AJ KJ laid out two woods and a road. His army consisted of two heavy chariots (a sweet target for my bows), some cavalry and mostly warband and bows. The Nubians (Book I/3) consisted of two warbands, seven bows (one of which was the general) and three Psiloi.
AJ KJ advanced over the table and tried to keep his heavy chariots away from my bows. He was successful in doing that however I managed after an early set back to remove his Cavalry, Psiloi and a Bow. I had lost two Bows by this stage.
AJ KJ marched his warband into the wood to clear out the Psiloi there whilst I prepared to roll up AJ’s right flank.
The best tactic possible then came into play. When AJ’s KJ’s warband hit my Psiloi, the battle factor was 2-1 in his favour and looking at little awkward for the Nubians. The die were cast and the result was a role of 6-1 in my favour. Scratch a warband.
Game one then was a 4-2 victory to me – scoring me 8 points and AJ KJ 2.
Faris was my next opponent and he was using Patrician Romans – a nice force because of the variations possible. He had a mix of knights, cavalry, auxilia, light horse, blades and psiloi. A good mix to take on the Nubians with a lot of good match-ups likely from his side of the table.
The Patrician’s are aggression 0 and I am aggression 1 but I lost the attacker/defender roll and laid out the terrain. Two sand dunes and an area of rough ground. We deployed and my plan was to move things around so that my warband and psiloi faced off against his auxilia whilst my bows concentrated on his knights and cavalry and tried to stay away from his blades.
Faris came forward and tried to get his bow killers into contact with the bows. However, I managed to keep out of the way of the Auxilia and manoeuvred the bows to get some shots on the cataphracts. Cataphracts died. It was a hard victory however as Faris managed to get some good troops into my bows and managed to kill my general. At that point I was three elements down (two bows and a psiloi, one of bows was the general however) and Faris was also three elements down. I rolled for PIPs and needed to roll at least 2 to do anything. A role of 4 saw me able to position myself well against his Psiloi and the result was a 4-3 victory my way, with another 8 points. Faris picked up 5 I think for this – 3 points for killing a general and two for the other two elements.
I was in the top four at this point (surprisingly) and so it was on to the final round.
I’ve been reading a lot of Bernard Cornwell’s Saxon series recently so when I saw the Anglo-Saxons, a mix of blades and spears (the shield wall) I thought of Uhtred! This battle was against Tony, also undefeated at this stage and his army was a mix of blades, spears and the odd Psiloi. They were aggression 1, same as me, but I ended up being the defender again. I placed my two areas of sand dune and one of rough going.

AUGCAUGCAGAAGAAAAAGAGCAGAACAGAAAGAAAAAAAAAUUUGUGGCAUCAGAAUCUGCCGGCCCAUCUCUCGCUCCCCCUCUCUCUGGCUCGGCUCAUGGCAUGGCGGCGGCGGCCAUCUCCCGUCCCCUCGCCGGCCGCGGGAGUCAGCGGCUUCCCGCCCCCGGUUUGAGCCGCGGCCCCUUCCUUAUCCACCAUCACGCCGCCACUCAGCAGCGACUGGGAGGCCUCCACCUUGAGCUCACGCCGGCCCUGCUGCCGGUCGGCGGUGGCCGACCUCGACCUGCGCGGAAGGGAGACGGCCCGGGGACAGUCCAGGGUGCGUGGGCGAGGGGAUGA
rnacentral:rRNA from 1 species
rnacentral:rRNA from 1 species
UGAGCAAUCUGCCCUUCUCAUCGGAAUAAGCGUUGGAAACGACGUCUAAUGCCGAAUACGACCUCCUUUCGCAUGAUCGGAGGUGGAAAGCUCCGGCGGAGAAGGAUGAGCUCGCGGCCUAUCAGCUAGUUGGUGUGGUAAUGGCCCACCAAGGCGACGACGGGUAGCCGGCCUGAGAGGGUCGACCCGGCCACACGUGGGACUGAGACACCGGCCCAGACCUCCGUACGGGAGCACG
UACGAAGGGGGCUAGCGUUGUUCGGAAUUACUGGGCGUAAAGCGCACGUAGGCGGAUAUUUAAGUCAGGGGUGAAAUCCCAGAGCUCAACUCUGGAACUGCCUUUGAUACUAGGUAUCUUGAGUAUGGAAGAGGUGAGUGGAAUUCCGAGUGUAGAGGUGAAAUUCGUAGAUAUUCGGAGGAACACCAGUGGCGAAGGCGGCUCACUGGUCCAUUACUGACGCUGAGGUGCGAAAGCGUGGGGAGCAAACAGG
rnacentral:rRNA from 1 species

We deployed and started to play. My only real hope in this battle was to get my warband into his infantry and hope for a quick kill. The shield wall rather than the blades was the target.
I used my light troops to anchor my left flank on sand dunes and arrayed myself between dunes, narrowing his attack frontage and I hoped keeping enough of his troops out of the battle until I could make some inroads into his forces.
Tony left me an opening on the right of his centre and I was starting to work that. I really only needed to hold his centre and then start to wrap around it and even though it was the bows doing it, I figured I had a good chance to start to roll him up.
The opening combat was therefore my bow general against his blades – a starting factor of 2-5 his way. I added one as I was a general and he subtracted one as he was overlapped so now 3-4. I rolled one on my dice roll so a roll of 4 or better on Tony’s and I was toast. He rolled 4 or better. The rest of my combats were closer but all my elements lost and were pushed back. Game over! I lost it 1-0 with the general being the casualty so 11 points for Tony and none for me.
After the game totals were all tallied, I had come in a creditable (well, I thought it was creditable) sixth place using the Nubians, not a world beating army but with all those bows, one to strike, if not fear, at least a little uncertainty into the hearts of opponents.
To finish the wargaming off for the day, we had a Big Battle DBA – which our side managed to lose conclusively with two commands broken and the third one element from breaking.
All in all, it was a great day.
After the wargaming was over, we adjourned to a Chinese Restaurant somewhere in Shah Alam or the Klang Valley for some typically great Malaysian Chinese food.
Thanks to the Broken Bayonets for a wonderful weekend of gaming and special thanks to David Khoo and his family for putting me up and feeding me (more about the burger later).